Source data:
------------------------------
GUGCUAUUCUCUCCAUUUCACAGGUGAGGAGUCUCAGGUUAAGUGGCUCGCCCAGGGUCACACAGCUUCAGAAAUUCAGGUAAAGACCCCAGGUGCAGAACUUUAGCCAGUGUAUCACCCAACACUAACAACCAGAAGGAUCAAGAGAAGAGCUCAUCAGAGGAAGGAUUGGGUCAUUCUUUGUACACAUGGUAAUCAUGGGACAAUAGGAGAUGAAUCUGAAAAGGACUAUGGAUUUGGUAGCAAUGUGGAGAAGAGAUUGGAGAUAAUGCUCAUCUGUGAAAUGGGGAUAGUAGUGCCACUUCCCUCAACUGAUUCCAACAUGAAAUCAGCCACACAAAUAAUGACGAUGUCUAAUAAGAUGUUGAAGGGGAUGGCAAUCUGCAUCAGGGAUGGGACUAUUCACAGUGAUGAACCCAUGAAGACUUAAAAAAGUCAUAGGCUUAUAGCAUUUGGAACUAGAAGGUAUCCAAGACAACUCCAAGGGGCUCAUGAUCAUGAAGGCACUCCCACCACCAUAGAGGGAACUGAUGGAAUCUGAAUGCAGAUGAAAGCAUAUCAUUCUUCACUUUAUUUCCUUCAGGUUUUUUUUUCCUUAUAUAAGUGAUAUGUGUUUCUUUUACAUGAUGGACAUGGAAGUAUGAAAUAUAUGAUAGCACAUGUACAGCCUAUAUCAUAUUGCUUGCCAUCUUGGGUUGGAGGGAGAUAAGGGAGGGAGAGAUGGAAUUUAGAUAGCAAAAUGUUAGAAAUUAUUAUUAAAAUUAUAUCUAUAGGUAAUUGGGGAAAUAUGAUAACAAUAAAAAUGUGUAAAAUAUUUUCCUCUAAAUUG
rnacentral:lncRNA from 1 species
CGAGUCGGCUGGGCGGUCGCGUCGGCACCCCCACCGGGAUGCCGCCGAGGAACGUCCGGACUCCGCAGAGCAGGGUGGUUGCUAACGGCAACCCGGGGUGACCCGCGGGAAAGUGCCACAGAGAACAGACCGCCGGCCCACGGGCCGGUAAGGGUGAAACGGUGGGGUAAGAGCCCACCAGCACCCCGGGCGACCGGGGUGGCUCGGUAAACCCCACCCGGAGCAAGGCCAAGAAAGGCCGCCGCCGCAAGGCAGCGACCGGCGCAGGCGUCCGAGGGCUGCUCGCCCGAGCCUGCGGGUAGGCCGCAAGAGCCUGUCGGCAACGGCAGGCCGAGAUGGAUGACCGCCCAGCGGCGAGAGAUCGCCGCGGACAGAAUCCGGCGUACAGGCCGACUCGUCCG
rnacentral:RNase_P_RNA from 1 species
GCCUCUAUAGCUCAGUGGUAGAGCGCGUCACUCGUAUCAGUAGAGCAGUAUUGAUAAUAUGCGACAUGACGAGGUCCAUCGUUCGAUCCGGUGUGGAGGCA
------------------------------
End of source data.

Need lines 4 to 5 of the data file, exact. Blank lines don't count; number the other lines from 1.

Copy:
rnacentral:RNase_P_RNA from 1 species
GCCUCUAUAGCUCAGUGGUAGAGCGCGUCACUCGUAUCAGUAGAGCAGUAUUGAUAAUAUGCGACAUGACGAGGUCCAUCGUUCGAUCCGGUGUGGAGGCA